A new Washington Post poll suggests that the Republican candidate for Governor in Virginia, Bob McDonnell has a clear lead over his Democratic opponent, R. Creigh Deeds: "McDonnell is favored over Deeds among all registered voters, 47 to 40 percent, and is up by an even steeper margin, 54 to 39 percent, among those who say they are certain to vote in November. In vote-rich Northern Virginia, where President Obama and other successful Democrats have won large majorities, the two run about even, 45 percent for Deeds to 42 percent for McDonnell among all registered voters. Even in the innermost Washington suburbs -- which the Democrat from rural Bath County won handily in his party's primary -- the candidates are running about even. McDonnell, who lives outside Richmond, leads by nine points in the rest of the state. McDonnell's advantage in a race being watched nationally as an early electoral test for Obama serves as a warning sign for Democrats, who are eager to hold on to the governor's mansion in what has become a crucial swing state."

Republican Burr Looking Vulnerable in 2010 NC Senate Race

Posted Apr 02, 2009 at 1:51 AM
Maurice Berger, Political Director, PollTrack

The Republican incumbent US Senator in North Carolina, Richard Burr, is looking vulnerable in his 2010 reelection effort. According to a recent poll by Public Policy Polling, "Burr continues to have approval ratings worse than Elizabeth Dole’s at the same point in the election cycle two years ago as he prepares to run for reelection in 2010, the newest survey from Public Policy Polling finds. 35% of voters in the state approve of the job Burr is doing, with 32% disapproving. Dole’s numbers were 43%/31% around this time in 2007. Burr leads Secretary of State Elaine Marshall 43%-35% in a hypothetical contest. Dole led Marshall 46%-35% during the period Democrats were recruiting a candidate two years ago. Even after more than ten years in statewide office and a 2002 Senate campaign, more than half of the voters in the state don’t hold any opinion about Elaine Marshall in an either positive or negative direction. 28% of voters have a positive view of her, 19% a negative one, and 53% have no opinion. Tested against a generic Democratic candidate, Burr leads 42-38. That number is somewhat misleading though as 22% of Democrats, unsure who their nominee will be, say they are undecided while only 12% of Republicans report the same."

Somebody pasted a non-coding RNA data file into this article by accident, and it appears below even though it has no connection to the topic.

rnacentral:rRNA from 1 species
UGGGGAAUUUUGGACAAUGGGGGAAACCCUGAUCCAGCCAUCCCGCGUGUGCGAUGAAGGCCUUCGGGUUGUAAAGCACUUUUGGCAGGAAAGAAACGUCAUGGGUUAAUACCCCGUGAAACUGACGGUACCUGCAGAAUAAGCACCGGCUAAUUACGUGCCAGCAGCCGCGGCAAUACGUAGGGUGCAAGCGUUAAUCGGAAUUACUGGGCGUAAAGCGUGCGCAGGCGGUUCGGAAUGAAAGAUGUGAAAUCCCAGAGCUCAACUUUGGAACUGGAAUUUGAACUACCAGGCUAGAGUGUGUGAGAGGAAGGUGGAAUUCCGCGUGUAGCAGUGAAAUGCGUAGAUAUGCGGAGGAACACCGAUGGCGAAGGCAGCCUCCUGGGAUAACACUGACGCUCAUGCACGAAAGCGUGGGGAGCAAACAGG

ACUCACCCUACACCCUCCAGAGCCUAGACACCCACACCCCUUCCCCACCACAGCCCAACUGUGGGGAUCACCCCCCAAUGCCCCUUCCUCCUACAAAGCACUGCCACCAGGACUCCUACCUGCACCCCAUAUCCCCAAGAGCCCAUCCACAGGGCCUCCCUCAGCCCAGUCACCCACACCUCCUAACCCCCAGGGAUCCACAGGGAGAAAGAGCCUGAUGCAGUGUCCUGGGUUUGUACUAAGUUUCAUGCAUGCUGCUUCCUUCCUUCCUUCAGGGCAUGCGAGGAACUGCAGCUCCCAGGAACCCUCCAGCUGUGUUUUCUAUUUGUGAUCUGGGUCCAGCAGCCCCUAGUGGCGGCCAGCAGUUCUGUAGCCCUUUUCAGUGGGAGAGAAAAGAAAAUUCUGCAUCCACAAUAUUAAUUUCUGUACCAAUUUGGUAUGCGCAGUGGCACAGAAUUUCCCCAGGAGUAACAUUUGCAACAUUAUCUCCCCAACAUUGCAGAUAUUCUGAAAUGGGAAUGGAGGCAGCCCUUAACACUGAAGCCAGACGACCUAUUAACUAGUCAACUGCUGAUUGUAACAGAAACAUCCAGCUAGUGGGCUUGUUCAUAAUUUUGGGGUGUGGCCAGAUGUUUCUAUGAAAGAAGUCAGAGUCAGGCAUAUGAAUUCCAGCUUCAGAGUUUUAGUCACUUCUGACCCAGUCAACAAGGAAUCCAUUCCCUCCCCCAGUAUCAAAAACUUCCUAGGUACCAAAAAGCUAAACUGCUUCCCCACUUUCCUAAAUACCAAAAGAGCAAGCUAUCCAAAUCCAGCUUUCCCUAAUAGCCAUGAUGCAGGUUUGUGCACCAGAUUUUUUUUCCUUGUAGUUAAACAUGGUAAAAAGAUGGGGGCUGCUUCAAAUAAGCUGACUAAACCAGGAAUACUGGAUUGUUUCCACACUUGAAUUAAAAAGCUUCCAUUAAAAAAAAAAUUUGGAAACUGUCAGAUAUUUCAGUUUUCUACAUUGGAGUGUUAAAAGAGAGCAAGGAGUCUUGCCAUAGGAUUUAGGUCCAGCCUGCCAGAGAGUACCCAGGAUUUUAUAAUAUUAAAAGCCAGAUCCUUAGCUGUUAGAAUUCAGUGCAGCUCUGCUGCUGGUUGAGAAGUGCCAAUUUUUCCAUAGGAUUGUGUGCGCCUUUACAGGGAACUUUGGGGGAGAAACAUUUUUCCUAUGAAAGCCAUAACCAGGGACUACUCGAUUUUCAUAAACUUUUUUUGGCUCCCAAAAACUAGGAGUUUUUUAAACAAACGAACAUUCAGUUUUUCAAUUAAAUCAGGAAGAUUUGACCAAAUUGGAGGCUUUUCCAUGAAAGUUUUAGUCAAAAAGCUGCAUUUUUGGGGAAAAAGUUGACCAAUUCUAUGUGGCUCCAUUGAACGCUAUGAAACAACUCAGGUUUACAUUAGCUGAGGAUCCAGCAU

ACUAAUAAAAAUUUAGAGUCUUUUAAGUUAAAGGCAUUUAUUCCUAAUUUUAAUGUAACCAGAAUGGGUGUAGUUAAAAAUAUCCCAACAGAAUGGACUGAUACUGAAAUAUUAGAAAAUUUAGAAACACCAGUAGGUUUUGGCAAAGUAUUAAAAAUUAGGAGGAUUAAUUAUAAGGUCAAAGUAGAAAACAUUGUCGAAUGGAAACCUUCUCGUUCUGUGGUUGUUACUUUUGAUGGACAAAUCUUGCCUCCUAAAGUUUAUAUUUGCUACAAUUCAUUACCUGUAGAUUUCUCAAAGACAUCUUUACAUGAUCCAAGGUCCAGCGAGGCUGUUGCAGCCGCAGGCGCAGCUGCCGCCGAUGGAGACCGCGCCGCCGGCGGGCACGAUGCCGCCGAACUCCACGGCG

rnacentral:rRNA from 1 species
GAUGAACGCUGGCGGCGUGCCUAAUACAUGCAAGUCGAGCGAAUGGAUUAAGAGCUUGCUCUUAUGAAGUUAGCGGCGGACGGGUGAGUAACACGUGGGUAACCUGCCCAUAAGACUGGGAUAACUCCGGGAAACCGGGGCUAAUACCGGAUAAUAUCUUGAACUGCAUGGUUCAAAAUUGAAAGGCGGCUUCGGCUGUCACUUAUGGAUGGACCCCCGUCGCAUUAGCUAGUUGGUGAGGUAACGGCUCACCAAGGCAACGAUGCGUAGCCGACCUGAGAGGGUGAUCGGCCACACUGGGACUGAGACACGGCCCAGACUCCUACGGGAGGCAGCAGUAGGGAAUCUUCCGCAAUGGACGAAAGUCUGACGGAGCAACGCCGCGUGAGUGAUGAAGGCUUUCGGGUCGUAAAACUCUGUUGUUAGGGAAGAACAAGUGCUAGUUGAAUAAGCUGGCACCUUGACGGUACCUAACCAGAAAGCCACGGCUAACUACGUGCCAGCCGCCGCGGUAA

A recent poll by conservative-leaning think tank Civitas Institute conducted March 16 to 19 "confirmed what many others have found - Burr continues to struggle with name recognition. Fifty percent of registered voters told Civitas they either has no opinion or were unaware of the first-term Republican senator. That is down from 54% when Civitas asked the same question in January. Thirty-seven percent held a favorable opinion of Burr in the most recent poll, which held steady from January. The Civitas poll also showed Burr trailing Democratic Attorney General Roy Cooper 41% to 38% in a hypothetical match-up."

PollTrack makes one observation: with a very popular Barack Obama at the head of the ticket in 2008, Democratic voter groups turned out in very healthy numbers. With Obama not a factor on the 2010 ballot, will Democrats turn out with the same intensity?

NY-20: Associated Press Reporting Light Turnout

Posted Mar 31, 2009 at 10:47 AM
Maurice Berger, Political Director, PollTrack

The Associated Press is reporting generally light turnout in today's special election to fill the house seat vacated by Kirten Gillibrand's in New York's 20th CD: "Volunteers knocked on doors and surrogates fired off e-mails Tuesday afternoon amid reports of light turnout in a special congressional election focused on President Barack Obama and his economic stimulus plan.Voters who did show up admitted to being exhausted by the torrent of negative ads from Republican Jim Tedisco and Democrat Scott Murphy . . . Polling places and local election boards reported light turnout throughout the day, not unusual in a special election in which there are no statewide offices or big names on the ballot to attract more casual voters." A truly light turnout could be good news in a congressional district with a decided Republican advantage in registration.

NY-20: Voting Brisk

Posted Mar 31, 2009 at 4:01 AM
Maurice Berger, Political Director, PollTrack

PollTrack has just received several eyewitness reports about voting in today's special election in New York's 20th congressional district. While voting is not heavy, it also appears to be greater than the usual historically low turnout in off-year or special elections. One voter described activity as brisk in her precinct in Upstate Chatham. With millions spent on the race and a cavalcade of publicity and local and national advertising and press, the NY-20 contest may well bring out more voters than the norm. Indeed, the president himself has gotten into the act, attempting to increase turnout, sending supporters a last-minute pitch Monday night. In an e-mail sent out via the Democratic National Committee's Organizing For America grassroots effort, the president urged the party's voters to head to the polls to vote for venture capitalist Scott Murphy. "I need you to go vote . . . It's going to be a very close race, and your vote could make all the difference," he wrote.